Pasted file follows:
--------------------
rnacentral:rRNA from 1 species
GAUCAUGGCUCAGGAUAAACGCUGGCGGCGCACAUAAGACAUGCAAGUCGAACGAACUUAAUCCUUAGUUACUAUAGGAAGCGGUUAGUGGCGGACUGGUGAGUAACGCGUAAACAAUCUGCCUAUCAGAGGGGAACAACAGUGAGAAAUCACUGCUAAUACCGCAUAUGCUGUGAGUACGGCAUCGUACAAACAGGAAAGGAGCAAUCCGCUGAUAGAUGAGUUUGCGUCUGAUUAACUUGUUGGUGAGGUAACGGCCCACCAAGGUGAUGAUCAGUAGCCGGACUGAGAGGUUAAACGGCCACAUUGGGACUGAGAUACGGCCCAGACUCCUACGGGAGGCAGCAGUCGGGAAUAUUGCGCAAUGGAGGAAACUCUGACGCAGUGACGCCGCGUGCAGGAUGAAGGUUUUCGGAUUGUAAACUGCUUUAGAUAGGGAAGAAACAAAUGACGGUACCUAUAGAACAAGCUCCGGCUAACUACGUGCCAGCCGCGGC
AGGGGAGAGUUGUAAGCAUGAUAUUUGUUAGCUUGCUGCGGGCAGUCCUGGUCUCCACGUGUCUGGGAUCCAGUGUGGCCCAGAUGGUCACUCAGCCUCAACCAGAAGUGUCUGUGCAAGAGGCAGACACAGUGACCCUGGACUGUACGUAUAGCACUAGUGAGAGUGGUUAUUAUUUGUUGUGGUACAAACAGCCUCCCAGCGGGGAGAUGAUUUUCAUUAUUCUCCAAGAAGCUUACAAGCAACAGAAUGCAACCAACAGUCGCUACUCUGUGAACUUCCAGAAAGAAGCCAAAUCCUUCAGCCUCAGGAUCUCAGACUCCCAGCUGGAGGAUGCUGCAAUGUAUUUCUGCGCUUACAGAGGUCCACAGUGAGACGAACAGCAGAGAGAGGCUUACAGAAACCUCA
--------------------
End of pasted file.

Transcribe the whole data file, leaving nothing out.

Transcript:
rnacentral:rRNA from 1 species
GAUCAUGGCUCAGGAUAAACGCUGGCGGCGCACAUAAGACAUGCAAGUCGAACGAACUUAAUCCUUAGUUACUAUAGGAAGCGGUUAGUGGCGGACUGGUGAGUAACGCGUAAACAAUCUGCCUAUCAGAGGGGAACAACAGUGAGAAAUCACUGCUAAUACCGCAUAUGCUGUGAGUACGGCAUCGUACAAACAGGAAAGGAGCAAUCCGCUGAUAGAUGAGUUUGCGUCUGAUUAACUUGUUGGUGAGGUAACGGCCCACCAAGGUGAUGAUCAGUAGCCGGACUGAGAGGUUAAACGGCCACAUUGGGACUGAGAUACGGCCCAGACUCCUACGGGAGGCAGCAGUCGGGAAUAUUGCGCAAUGGAGGAAACUCUGACGCAGUGACGCCGCGUGCAGGAUGAAGGUUUUCGGAUUGUAAACUGCUUUAGAUAGGGAAGAAACAAAUGACGGUACCUAUAGAACAAGCUCCGGCUAACUACGUGCCAGCCGCGGC
AGGGGAGAGUUGUAAGCAUGAUAUUUGUUAGCUUGCUGCGGGCAGUCCUGGUCUCCACGUGUCUGGGAUCCAGUGUGGCCCAGAUGGUCACUCAGCCUCAACCAGAAGUGUCUGUGCAAGAGGCAGACACAGUGACCCUGGACUGUACGUAUAGCACUAGUGAGAGUGGUUAUUAUUUGUUGUGGUACAAACAGCCUCCCAGCGGGGAGAUGAUUUUCAUUAUUCUCCAAGAAGCUUACAAGCAACAGAAUGCAACCAACAGUCGCUACUCUGUGAACUUCCAGAAAGAAGCCAAAUCCUUCAGCCUCAGGAUCUCAGACUCCCAGCUGGAGGAUGCUGCAAUGUAUUUCUGCGCUUACAGAGGUCCACAGUGAGACGAACAGCAGAGAGAGGCUUACAGAAACCUCA